Declawing procedures for cats have long been controversial, but plenty of frustrated cat owners still resort to this action. If you’re feeling fed up with Kitty’s scratching and you’re looking for answers, read this before having her declawed.
Declawing can carry numerous negative effects, such as:
- It can lead to chronic pain for the cat.
- It has been linked to behavior problems such as increased aggression and inappropriate urination.
- It disrupts their normal instinctual behaviors.
- It can increase the risk of injury to cats who get outside but then can’t climb trees to escape dogs or other predators.
- It carries no medical benefit for the cat.
Declawing is already banned in many places. For example, many countries in Europe no longer allow this procedure to be performed.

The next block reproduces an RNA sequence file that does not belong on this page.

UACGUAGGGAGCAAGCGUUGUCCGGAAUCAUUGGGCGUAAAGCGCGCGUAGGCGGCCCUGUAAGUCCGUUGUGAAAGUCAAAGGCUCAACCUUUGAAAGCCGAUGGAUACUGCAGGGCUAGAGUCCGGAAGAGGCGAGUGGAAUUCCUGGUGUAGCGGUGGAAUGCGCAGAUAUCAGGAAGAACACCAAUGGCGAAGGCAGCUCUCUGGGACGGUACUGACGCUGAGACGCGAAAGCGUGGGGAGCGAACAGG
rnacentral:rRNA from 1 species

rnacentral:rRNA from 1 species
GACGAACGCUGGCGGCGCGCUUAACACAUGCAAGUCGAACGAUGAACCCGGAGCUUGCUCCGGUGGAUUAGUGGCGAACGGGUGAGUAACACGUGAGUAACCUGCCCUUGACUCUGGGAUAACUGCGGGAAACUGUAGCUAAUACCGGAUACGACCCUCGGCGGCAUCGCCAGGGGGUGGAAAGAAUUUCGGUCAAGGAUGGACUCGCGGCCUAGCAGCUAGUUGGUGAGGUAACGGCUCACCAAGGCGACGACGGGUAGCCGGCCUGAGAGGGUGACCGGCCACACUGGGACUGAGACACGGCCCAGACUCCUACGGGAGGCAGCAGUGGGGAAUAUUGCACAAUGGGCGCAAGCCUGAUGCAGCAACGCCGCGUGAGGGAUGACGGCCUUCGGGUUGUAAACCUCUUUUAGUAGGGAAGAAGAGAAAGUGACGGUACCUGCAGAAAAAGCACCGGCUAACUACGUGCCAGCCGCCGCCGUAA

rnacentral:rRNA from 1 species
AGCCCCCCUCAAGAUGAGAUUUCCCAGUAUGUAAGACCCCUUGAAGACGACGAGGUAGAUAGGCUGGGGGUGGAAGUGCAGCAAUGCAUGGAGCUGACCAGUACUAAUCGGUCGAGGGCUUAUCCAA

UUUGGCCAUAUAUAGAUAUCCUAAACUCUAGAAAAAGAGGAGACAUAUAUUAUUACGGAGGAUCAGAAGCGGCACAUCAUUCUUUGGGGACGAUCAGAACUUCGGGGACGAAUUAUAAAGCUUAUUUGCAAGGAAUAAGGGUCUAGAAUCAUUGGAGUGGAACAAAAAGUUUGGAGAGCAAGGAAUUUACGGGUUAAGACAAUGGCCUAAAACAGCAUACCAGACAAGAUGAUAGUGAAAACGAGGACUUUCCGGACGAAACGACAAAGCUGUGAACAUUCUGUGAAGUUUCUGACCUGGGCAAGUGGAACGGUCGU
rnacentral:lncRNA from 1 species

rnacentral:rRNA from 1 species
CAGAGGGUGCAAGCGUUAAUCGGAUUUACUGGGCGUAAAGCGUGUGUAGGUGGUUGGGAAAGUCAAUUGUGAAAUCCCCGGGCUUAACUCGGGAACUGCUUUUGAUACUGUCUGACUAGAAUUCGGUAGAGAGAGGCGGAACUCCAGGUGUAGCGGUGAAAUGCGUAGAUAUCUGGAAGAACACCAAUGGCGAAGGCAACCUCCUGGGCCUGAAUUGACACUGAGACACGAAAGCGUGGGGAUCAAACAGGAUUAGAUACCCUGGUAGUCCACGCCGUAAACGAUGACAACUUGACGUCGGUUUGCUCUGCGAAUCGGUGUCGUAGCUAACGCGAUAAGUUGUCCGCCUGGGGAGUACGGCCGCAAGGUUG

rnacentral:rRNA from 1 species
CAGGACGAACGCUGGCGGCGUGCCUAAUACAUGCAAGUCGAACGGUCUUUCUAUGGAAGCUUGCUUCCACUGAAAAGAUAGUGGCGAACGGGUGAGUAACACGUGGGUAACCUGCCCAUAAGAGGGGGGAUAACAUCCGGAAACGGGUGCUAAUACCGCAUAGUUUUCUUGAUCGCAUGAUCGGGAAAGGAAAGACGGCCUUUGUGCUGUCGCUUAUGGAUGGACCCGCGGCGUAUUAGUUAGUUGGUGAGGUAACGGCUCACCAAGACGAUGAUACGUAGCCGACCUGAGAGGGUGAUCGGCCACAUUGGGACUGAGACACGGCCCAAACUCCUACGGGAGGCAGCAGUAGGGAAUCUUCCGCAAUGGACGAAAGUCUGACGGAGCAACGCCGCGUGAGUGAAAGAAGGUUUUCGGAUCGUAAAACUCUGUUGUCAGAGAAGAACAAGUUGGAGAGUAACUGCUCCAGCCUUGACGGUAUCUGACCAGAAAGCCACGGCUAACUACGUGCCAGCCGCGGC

There are many other ways to address obnoxious scratching behaviors!
- Remember to trim your cat’s nails every one to two weeks, to reduce their need to scratch in the first place.
- Then, be sure to provide plenty of appropriate scratching materials in Kitty’s favorite locations. Use consistent redirection to show your cat where it is appropriate to scratch.
- Try synthetic feline hormones to discourage territorial marking behaviors.
- Try soft silicone claw caps; they don’t hurt your cat, but she will look like she’s had her nails done!
- Make an appointment with us to discuss your cat’s behavior and other methods that could work for your situation. Occasionally, excessive clawing is a sign of a medical or behavioral problem that we can address.
If you’re considering adopting a cat, and you just can’t picture yourself risking your beloved sectional sofa, remember that there are plenty of already-declawed cats in need of loving homes. It might be wise to adopt a cat that fits your needs, rather than altering a cat.
If you need more information on how to address feline behavioral problems, give us a call and we’ll be happy to help.